Herbs that Help Reduce Stress Levels

When things seem to be tougher than usual, stress can build up and make you feel even worse. Stress is caused by a molecule called cortisol, and this molecule is responsible for lowering the immune system when too much is present.

The best thing we can do is figure out ways to lower the probability of taking on too much stress.

Stress is sometimes unavoidable, and that’s a part of life. So what can you do to reduce that stress in a natural way? Well there are various herbs and plants that can help you destress and benefit from their amazing properties at the same time.

Chamomile

Photo by Robin M. on Unsplash

This flower is a favorite for many people because of its amazing stress relieving properties. Chamomile herbal tea, essential oil, or extract has properties that help increase your quality of sleep. Too much stress can severely affect your quality of sleep, which can then affect your cognition and decision making.

Eucalyptus

Photo by Sincerely Media on Unsplash

Eucalyptus is revered as a powerful mucus decongestant, but it also relieves stress, especially when it is used in a hot steam. This leaf has an important molecule, called eucalyptol, which has been found to reduce anxiety. Anxiety is the body’s reaction to too much stress.

Peppermint

Photo by Shaun Meintjes on Unsplash

The cooling sensation in peppermint is responsible for relaxing muscles and relieving headaches. Stress can build up because of these symptoms, so peppermint is a great herb to use for relaxing your nervous system. Peppermint can be used as an essential oil (aromatherapy), herbal tea, or as an extract.

Relieving your stress will help you strengthen your immune system and help you protect yourself from developing too much anxiety. Make a nice tea or massage your shoulders with diluted essential oils. Just remember that prevention is key!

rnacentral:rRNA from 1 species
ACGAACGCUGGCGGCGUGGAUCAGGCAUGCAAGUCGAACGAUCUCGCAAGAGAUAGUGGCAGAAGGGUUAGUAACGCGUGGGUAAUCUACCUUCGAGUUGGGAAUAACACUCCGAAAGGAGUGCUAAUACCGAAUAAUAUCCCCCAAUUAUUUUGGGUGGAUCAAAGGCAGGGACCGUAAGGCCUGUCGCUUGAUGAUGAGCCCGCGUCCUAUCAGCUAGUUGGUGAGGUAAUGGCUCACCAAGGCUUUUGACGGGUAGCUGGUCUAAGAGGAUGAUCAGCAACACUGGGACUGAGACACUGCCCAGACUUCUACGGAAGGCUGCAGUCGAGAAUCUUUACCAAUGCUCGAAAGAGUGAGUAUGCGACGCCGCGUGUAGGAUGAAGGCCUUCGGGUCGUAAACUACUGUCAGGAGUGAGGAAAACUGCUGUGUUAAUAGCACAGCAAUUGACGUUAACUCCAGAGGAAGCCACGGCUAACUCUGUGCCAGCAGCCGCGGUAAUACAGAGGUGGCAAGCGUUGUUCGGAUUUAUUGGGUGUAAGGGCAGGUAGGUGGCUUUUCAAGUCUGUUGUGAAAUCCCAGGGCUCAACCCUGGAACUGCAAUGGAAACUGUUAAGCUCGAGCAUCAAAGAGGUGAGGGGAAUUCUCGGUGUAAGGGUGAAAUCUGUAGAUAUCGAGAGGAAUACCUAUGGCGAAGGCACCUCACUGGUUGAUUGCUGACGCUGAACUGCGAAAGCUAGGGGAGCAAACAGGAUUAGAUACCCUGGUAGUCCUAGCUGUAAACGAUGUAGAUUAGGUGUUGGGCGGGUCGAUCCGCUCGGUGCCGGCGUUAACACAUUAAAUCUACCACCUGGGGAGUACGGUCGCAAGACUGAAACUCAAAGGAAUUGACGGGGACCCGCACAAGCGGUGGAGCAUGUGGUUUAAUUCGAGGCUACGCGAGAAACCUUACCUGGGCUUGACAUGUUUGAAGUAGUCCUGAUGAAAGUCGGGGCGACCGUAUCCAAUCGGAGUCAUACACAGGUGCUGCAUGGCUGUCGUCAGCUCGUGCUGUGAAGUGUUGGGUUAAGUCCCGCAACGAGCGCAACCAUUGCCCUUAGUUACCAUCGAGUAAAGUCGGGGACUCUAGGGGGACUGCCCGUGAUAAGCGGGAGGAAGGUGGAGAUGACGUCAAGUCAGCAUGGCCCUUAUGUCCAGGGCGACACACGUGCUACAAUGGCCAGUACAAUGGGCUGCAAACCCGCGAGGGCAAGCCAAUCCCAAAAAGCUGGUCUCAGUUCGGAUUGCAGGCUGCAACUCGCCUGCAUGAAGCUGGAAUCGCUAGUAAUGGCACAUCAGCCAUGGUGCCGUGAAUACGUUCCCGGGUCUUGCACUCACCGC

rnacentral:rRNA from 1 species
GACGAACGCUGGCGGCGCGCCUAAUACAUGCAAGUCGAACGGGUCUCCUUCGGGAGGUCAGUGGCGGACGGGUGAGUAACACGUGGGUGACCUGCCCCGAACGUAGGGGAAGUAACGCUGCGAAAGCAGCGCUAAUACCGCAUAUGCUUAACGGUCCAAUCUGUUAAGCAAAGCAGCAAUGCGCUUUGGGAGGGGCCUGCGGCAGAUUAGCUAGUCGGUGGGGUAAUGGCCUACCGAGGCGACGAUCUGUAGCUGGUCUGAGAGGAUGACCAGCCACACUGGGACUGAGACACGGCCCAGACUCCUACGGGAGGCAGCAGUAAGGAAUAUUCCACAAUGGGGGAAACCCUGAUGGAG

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References

  1. Charles, D. J., Joly, R. J., & Simon, J. E. (1990). Effects of osmotic stress on the essential oil content and composition of peppermint. Phytochemistry, 29(9), 2837-2840. 
  2. Chang, S. M., & Chen, C. H. (2016). Effects of an intervention with drinking chamomile tea on sleep quality and depression in sleep disturbed postnatal women: a randomized controlled trial. Journal of advanced nursing, 72(2), 306-315.
  3. Juergens, U. R., Dethlefsen, U., Steinkamp, G., Gillissen, A., Repges, R., & Vetter, H. (2003). Anti-inflammatory activity of 1.8-cineol (eucalyptol) in bronchial asthma: a double-blind placebo-controlled trial. Respiratory medicine, 97(3), 250-256.
  4. Åkerstedt, T., Knutsson, A., Westerholm, P., Theorell, T., Alfredsson, L., & Kecklund, G. (2002). Sleep disturbances, work stress and work hours: a cross-sectional study. Journal of psychosomatic research, 53(3), 741-748.
  5. Maes, M., Song, C., Lin, A., De Jongh, R., Van Gastel, A., Kenis, G., … & Demedts, P. (1998). The effects of psychological stress on humans: increased production of pro-inflammatory cytokines and Th1-like response in stress-induced anxiety. Cytokine, 10(4), 313-318.

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